BET Proteins Could Be Therapeutic Target for COPD Patients with PH, Rat Study Suggests
Inhibition of proteins that regulate gene expression — called BET — were found to ease pulmonary hypertension (PH) in a rat model of chronic obstructive pulmonary disease (COPD), a study reports.
The study, “Inhibition of BET Proteins Reduces Right Ventricle Hypertrophy and Pulmonary Hypertension Resulting from Combined Hypoxia and Pulmonary Inflammation,” appeared in the International Journal of Molecular Sciences.
PH is characterized by changes in the small pulmonary arteries that increase the resistance to blood flow and lead to hypertrophy, or enlargement, of the heart’s right ventricle.
Scientists believe that in COPD patients, who have a higher incidence of PH than the general population, blood vessel alterations could result from chronic hypoxia — lack of sufficient oxygen — as well as inflammation.
Animal studies showed that enzymes called histone deacetylases could be involved in the development and function of pulmonary arterial smooth muscle cells. These enzymes remove a chemical group known as acetyl from proteins bound to DNA to suppress gene expression, or protein production.
Besides PH, other proteins involved in acetylation, or the addition of an acetyl group, such as BET, play a role in pulmonary arterial hypertension. Accordingly, animals given a BET inhibitor showed restored levels of cell survival markers, lowered proliferation of arterial smooth muscle cells, and increased apoptosis — which refers to programmed cell death, as opposed to cell death caused by injury.
These results, the authors said, suggest that the effects of low oxygen on acetylation could be important in blood vessel alterations in COPD, but inflammation could also be a contributor.
Based on this, they hypothesized that BET inhibitors could be effective in controlling PH. Using the inhibitor I-BET151, the investigators studied if BET proteins are involved in the development of right ventricle hypertrophy and PH in a rat model of COPD. Pulmonary inflammation was combined with chronic hypoxia after one week. I-BET151 was administered for seven days.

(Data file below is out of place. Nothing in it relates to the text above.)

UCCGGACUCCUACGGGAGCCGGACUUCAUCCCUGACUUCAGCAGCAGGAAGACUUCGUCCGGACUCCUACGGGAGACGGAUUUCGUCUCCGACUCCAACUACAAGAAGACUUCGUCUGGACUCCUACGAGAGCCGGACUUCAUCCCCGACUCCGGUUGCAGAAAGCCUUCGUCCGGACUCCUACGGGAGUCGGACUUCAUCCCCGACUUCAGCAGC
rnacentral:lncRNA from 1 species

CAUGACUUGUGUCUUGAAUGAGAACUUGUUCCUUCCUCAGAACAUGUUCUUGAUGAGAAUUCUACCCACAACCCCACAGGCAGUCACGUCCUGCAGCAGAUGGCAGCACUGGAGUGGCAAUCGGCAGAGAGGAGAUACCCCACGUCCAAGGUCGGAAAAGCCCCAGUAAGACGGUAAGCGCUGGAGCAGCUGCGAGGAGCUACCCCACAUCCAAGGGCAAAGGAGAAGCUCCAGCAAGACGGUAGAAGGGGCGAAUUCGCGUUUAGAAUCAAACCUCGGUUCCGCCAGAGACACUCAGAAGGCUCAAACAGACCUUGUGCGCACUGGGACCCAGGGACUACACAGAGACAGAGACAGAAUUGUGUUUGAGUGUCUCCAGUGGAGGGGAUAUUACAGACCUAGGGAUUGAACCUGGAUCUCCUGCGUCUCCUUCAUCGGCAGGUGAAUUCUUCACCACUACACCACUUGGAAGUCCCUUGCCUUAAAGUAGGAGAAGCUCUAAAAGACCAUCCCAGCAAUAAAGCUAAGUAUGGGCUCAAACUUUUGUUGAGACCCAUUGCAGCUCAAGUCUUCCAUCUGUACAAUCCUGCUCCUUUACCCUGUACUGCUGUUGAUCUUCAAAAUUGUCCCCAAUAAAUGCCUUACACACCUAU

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Results showed that, regardless of I-BET151 administration, animals receiving the inflammation inducer LPS twice a week had significant changes in lung structure, and that combined inflammation and hypoxia reduced the size and thickened the wall of the lungs’ tiny air sacs, or alveoli.
Animals subjected to both COPD and PH-related stimuli also showed significant increases in right ventricle hypertrophy, systolic pressure, and contraction speed, as well as an elevated hematocrit — which measures the proportion of red blood cells in the blood — compared with controls. High hematocrit correlates with lower pulmonary circulation, impairing blood oxygenation in patients.
Importantly, treatment with I-BET151 lowered right ventricle hypertrophy and systolic pressure, as well as hematocrit, to levels closer to controls.
“Our study describes novel beneficial effects of I-BET151 under conditions of [PH], induced by chronic hypoxia and pulmonary inflammation,” the researchers wrote. “This suggests that such inhibition could be of potential interest for COPD patients with [PH].”
However, they cautioned that further experiments are needed to determine if the benefits of inhibiting BET proteins outweigh their risks before clinical use in patients with PH secondary to COPD — included in group 3 of the World Health Organization’s classification.
Three of the study’s authors are listed as employees of GlaxoSmithKline, which provided the BET inhibitor.